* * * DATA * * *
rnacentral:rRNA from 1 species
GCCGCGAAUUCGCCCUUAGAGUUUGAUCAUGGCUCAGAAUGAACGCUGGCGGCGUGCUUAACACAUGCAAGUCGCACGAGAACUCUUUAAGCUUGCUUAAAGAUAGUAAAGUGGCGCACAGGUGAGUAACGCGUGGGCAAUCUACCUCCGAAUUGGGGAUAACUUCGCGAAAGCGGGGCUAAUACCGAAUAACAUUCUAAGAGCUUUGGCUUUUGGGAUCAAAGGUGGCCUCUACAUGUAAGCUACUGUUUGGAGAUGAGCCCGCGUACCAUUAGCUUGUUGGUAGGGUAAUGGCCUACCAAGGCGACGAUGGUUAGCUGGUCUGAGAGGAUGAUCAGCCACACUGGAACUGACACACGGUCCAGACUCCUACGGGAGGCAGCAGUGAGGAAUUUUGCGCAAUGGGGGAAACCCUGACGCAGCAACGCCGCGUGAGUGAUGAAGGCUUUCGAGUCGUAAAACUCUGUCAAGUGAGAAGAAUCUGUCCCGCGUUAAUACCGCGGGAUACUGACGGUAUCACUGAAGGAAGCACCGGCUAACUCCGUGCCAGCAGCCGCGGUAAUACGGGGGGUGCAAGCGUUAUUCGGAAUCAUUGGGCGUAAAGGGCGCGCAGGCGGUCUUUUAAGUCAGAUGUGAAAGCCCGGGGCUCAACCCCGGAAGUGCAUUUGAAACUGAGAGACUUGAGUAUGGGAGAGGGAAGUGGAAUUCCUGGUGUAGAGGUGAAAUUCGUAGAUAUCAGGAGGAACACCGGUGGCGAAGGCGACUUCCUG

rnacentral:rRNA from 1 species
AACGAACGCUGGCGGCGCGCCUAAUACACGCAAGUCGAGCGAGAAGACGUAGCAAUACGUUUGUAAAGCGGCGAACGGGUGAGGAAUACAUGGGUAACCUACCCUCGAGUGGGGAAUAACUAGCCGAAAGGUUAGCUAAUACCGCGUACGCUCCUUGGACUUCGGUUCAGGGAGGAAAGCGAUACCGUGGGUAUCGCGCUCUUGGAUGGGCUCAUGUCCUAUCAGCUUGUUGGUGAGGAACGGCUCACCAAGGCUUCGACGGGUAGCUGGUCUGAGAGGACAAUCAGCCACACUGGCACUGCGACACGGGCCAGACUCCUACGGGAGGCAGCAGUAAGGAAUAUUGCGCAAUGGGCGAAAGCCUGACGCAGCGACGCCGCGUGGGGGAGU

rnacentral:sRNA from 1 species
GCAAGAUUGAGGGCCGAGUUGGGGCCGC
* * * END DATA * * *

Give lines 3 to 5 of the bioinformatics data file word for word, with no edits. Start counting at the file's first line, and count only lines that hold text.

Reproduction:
rnacentral:rRNA from 1 species
AACGAACGCUGGCGGCGCGCCUAAUACACGCAAGUCGAGCGAGAAGACGUAGCAAUACGUUUGUAAAGCGGCGAACGGGUGAGGAAUACAUGGGUAACCUACCCUCGAGUGGGGAAUAACUAGCCGAAAGGUUAGCUAAUACCGCGUACGCUCCUUGGACUUCGGUUCAGGGAGGAAAGCGAUACCGUGGGUAUCGCGCUCUUGGAUGGGCUCAUGUCCUAUCAGCUUGUUGGUGAGGAACGGCUCACCAAGGCUUCGACGGGUAGCUGGUCUGAGAGGACAAUCAGCCACACUGGCACUGCGACACGGGCCAGACUCCUACGGGAGGCAGCAGUAAGGAAUAUUGCGCAAUGGGCGAAAGCCUGACGCAGCGACGCCGCGUGGGGGAGU

rnacentral:sRNA from 1 species